This course will take place online, for a reduced rate of Full £16 / Conc. £12
We will see how the huge vocabulary of English comes from sources as distant as the language of the Aztecs, Japan, and Tartar. We will look at how foreign words were shoehorned to fit English sounds, how mistakes make new words, and how words convey more than just definitions.
Who is this course for?
Anyone interested in finding out about the history of English words. No previous knowledge of the subject is necessary.
Will I need any equipment or materials?
This course will be held via Zoom. You need a computer/laptop or mobile phone to access the Zoom website, and a reliable internet connection. For further information on how to join a Zoom meeting, you can watch the joining video here.
You will need a computer or other device to connect with Zoom and a notebook/paper and pen/pencil, or digital equivalent.
Are there follow-on courses I can take?
We are running several courses around the history of language:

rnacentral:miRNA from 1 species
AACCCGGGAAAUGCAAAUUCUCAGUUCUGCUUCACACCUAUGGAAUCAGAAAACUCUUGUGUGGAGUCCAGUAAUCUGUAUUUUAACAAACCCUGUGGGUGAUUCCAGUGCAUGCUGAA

You will learn
By the end of this course, you will have learnt:
- The main pathways by which words have come into the English language
- How people tried to stop new words being used
- How folk etymology creates nonsense words that have been accepted into the English language
- Some bizarre, disputed, and wonderful curiosities.
Meet the Tutor
Julian Walker worked as an educator at the British Library for 16 years. He teaches book and printing history, and the history of English.
A practising printmaker, he is also the authority on the English language during the First World War, a subject of ongoing research in the Languages and the First World War project, which he directs.
A former honorary research associate at UCL, he has written several books on the history of English in fields such as cooking, sport and conflict.
Need to Know
- 19:00 - 21:00
- £16/£12 conc.
- Bishopsgate Institute
- Julian Walker
- Max Students
- No. of Sessions
- Course Code